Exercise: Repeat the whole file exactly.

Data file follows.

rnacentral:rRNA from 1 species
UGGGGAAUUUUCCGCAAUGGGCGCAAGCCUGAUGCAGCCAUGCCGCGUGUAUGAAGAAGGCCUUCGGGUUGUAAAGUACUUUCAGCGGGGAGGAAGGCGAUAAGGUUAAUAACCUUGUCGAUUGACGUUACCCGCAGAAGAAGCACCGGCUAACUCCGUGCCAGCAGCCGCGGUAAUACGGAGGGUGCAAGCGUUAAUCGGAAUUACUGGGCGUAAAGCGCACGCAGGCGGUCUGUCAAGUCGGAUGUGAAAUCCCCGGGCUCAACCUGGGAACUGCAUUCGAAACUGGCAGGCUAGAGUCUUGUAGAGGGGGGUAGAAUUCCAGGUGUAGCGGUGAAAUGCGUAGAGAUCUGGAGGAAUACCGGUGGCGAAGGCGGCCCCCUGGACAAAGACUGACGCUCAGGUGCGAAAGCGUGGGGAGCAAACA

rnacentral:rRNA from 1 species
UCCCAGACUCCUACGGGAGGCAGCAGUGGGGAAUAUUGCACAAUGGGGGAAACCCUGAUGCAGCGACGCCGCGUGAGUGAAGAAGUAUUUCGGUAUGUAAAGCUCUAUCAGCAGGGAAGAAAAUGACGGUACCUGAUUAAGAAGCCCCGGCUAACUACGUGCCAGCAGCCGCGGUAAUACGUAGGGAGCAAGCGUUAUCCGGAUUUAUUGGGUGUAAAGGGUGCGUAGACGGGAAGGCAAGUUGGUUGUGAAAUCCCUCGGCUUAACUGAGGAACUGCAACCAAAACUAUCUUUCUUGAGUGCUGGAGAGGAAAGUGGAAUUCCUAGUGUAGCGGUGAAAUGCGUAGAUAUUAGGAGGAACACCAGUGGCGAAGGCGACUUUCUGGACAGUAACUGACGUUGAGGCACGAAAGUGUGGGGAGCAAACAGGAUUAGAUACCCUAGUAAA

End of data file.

rnacentral:rRNA from 1 species
UGGGGAAUUUUCCGCAAUGGGCGCAAGCCUGAUGCAGCCAUGCCGCGUGUAUGAAGAAGGCCUUCGGGUUGUAAAGUACUUUCAGCGGGGAGGAAGGCGAUAAGGUUAAUAACCUUGUCGAUUGACGUUACCCGCAGAAGAAGCACCGGCUAACUCCGUGCCAGCAGCCGCGGUAAUACGGAGGGUGCAAGCGUUAAUCGGAAUUACUGGGCGUAAAGCGCACGCAGGCGGUCUGUCAAGUCGGAUGUGAAAUCCCCGGGCUCAACCUGGGAACUGCAUUCGAAACUGGCAGGCUAGAGUCUUGUAGAGGGGGGUAGAAUUCCAGGUGUAGCGGUGAAAUGCGUAGAGAUCUGGAGGAAUACCGGUGGCGAAGGCGGCCCCCUGGACAAAGACUGACGCUCAGGUGCGAAAGCGUGGGGAGCAAACA

rnacentral:rRNA from 1 species
UCCCAGACUCCUACGGGAGGCAGCAGUGGGGAAUAUUGCACAAUGGGGGAAACCCUGAUGCAGCGACGCCGCGUGAGUGAAGAAGUAUUUCGGUAUGUAAAGCUCUAUCAGCAGGGAAGAAAAUGACGGUACCUGAUUAAGAAGCCCCGGCUAACUACGUGCCAGCAGCCGCGGUAAUACGUAGGGAGCAAGCGUUAUCCGGAUUUAUUGGGUGUAAAGGGUGCGUAGACGGGAAGGCAAGUUGGUUGUGAAAUCCCUCGGCUUAACUGAGGAACUGCAACCAAAACUAUCUUUCUUGAGUGCUGGAGAGGAAAGUGGAAUUCCUAGUGUAGCGGUGAAAUGCGUAGAUAUUAGGAGGAACACCAGUGGCGAAGGCGACUUUCUGGACAGUAACUGACGUUGAGGCACGAAAGUGUGGGGAGCAAACAGGAUUAGAUACCCUAGUAAA